Replacement of Older Cars Continues to Drive Auto Loan Growth
The continued demand for new cars from consumers ready to replace their 10-year old vehicles, on average, has helped auto loans grow to $207 billion, according to Equifax.
That figure is as of year to date through June and is a 13.7% increase over the volume experienced during the same period in 2011, the data in Equifax’s latest National Consumer Credit Trends Report showed.
During the first half of the year, sales of new cars and light trucks increased nearly 15%. Consumers are flocking to smaller, more efficient and cheaper vehicles, according Equifax.
At 10.7 million loans, auto lending is experiencing the highest volume since 2007, when 11 million loans were originated, the report noted.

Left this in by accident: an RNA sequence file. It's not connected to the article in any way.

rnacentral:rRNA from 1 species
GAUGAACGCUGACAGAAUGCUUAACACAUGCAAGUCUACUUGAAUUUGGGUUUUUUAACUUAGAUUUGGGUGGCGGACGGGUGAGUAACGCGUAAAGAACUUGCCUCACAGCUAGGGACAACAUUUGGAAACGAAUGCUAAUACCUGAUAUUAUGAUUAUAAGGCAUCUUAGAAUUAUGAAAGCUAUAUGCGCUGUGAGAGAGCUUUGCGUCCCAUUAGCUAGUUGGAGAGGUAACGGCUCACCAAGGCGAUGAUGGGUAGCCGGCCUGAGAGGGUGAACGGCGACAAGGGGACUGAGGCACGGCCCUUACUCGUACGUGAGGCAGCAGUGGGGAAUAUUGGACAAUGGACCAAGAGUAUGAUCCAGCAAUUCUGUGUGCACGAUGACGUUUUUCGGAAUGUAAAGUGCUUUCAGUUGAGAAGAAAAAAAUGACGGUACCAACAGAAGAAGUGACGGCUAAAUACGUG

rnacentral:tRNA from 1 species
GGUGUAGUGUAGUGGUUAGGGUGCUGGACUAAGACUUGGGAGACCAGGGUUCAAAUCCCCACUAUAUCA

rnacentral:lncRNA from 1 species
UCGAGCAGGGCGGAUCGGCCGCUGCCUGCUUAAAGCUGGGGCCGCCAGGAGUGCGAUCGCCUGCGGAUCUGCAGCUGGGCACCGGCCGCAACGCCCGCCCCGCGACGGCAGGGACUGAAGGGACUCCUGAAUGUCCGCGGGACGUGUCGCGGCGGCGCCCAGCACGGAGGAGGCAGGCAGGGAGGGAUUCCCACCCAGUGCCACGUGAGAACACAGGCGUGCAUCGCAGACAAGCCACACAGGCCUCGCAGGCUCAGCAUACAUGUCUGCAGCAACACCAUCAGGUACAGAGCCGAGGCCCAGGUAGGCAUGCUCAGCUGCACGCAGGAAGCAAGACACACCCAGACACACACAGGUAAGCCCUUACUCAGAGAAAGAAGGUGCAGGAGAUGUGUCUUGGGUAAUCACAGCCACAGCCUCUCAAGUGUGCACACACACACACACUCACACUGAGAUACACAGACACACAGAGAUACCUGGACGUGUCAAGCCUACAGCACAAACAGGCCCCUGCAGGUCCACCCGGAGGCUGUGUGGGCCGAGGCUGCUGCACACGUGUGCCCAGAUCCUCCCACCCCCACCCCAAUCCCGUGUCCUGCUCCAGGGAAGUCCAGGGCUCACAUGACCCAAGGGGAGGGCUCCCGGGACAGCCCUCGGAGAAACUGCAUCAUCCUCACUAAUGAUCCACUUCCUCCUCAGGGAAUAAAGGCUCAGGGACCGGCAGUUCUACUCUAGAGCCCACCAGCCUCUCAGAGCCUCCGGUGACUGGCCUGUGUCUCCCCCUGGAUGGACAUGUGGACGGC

Equifax said delinquency and write-off rates on auto loans and leases are well below levels at the start of the recession. In August, write-offs in terms of dollars were one-third of what they were at the peak in March 2009 at 2.1% and 6.1%, respectively. Write-off rates using both dollars and units exceeded 4% at the start of the recession.
“At the same time, the financial picture has improved sufficiently that we are seeing auto lending markets become facilitators rather than obstacles to meeting this demand, especially in the near-prime segment of the market that had all but ceased to exist during the worst of the financial crisis and recession,” Cutts said in a statement.